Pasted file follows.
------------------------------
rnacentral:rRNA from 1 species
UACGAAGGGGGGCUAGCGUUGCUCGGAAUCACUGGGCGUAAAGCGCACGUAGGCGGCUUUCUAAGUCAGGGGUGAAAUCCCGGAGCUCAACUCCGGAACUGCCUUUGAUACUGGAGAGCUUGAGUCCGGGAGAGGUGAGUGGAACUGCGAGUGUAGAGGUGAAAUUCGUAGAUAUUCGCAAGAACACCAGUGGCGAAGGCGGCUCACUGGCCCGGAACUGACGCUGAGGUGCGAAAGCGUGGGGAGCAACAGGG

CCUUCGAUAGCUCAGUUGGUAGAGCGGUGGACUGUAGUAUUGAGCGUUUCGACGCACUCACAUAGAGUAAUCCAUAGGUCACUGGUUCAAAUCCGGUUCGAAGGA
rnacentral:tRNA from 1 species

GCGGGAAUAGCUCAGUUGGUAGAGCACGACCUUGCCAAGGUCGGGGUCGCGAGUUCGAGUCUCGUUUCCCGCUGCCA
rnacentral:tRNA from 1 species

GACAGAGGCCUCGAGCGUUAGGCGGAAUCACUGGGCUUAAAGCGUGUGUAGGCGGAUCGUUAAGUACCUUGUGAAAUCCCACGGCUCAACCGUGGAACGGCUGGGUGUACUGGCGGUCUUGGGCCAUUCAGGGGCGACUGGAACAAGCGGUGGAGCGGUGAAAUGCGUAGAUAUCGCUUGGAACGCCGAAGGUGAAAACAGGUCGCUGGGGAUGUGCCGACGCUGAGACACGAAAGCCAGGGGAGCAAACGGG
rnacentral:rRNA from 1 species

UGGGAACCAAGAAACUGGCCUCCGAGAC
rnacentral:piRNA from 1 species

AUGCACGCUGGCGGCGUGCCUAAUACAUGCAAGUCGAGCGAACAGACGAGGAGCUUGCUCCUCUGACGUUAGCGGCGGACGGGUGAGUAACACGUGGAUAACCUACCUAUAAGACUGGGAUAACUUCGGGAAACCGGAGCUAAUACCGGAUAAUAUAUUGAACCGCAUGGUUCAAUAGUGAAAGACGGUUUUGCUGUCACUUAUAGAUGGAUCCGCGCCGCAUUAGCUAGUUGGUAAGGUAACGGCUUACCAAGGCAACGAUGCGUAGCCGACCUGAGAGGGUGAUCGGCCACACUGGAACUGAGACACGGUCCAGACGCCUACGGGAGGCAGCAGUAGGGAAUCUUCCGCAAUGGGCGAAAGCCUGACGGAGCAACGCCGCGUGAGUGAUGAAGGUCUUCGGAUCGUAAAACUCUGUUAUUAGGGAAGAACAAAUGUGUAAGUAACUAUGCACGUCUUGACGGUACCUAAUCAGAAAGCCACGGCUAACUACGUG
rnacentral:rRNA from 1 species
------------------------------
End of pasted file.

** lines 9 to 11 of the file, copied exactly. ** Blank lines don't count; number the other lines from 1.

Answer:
UGGGAACCAAGAAACUGGCCUCCGAGAC
rnacentral:piRNA from 1 species

AUGCACGCUGGCGGCGUGCCUAAUACAUGCAAGUCGAGCGAACAGACGAGGAGCUUGCUCCUCUGACGUUAGCGGCGGACGGGUGAGUAACACGUGGAUAACCUACCUAUAAGACUGGGAUAACUUCGGGAAACCGGAGCUAAUACCGGAUAAUAUAUUGAACCGCAUGGUUCAAUAGUGAAAGACGGUUUUGCUGUCACUUAUAGAUGGAUCCGCGCCGCAUUAGCUAGUUGGUAAGGUAACGGCUUACCAAGGCAACGAUGCGUAGCCGACCUGAGAGGGUGAUCGGCCACACUGGAACUGAGACACGGUCCAGACGCCUACGGGAGGCAGCAGUAGGGAAUCUUCCGCAAUGGGCGAAAGCCUGACGGAGCAACGCCGCGUGAGUGAUGAAGGUCUUCGGAUCGUAAAACUCUGUUAUUAGGGAAGAACAAAUGUGUAAGUAACUAUGCACGUCUUGACGGUACCUAAUCAGAAAGCCACGGCUAACUACGUG